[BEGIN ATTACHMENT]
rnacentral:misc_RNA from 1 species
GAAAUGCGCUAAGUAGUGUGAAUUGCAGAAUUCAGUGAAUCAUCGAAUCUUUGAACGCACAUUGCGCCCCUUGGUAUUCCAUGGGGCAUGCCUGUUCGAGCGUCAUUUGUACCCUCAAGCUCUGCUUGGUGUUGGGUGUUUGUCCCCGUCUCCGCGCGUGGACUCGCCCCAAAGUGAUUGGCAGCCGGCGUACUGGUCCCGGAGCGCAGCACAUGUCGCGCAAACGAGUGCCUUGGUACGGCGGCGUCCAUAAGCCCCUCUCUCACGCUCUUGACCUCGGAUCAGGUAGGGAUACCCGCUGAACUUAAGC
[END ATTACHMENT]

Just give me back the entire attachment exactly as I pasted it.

rnacentral:misc_RNA from 1 species
GAAAUGCGCUAAGUAGUGUGAAUUGCAGAAUUCAGUGAAUCAUCGAAUCUUUGAACGCACAUUGCGCCCCUUGGUAUUCCAUGGGGCAUGCCUGUUCGAGCGUCAUUUGUACCCUCAAGCUCUGCUUGGUGUUGGGUGUUUGUCCCCGUCUCCGCGCGUGGACUCGCCCCAAAGUGAUUGGCAGCCGGCGUACUGGUCCCGGAGCGCAGCACAUGUCGCGCAAACGAGUGCCUUGGUACGGCGGCGUCCAUAAGCCCCUCUCUCACGCUCUUGACCUCGGAUCAGGUAGGGAUACCCGCUGAACUUAAGC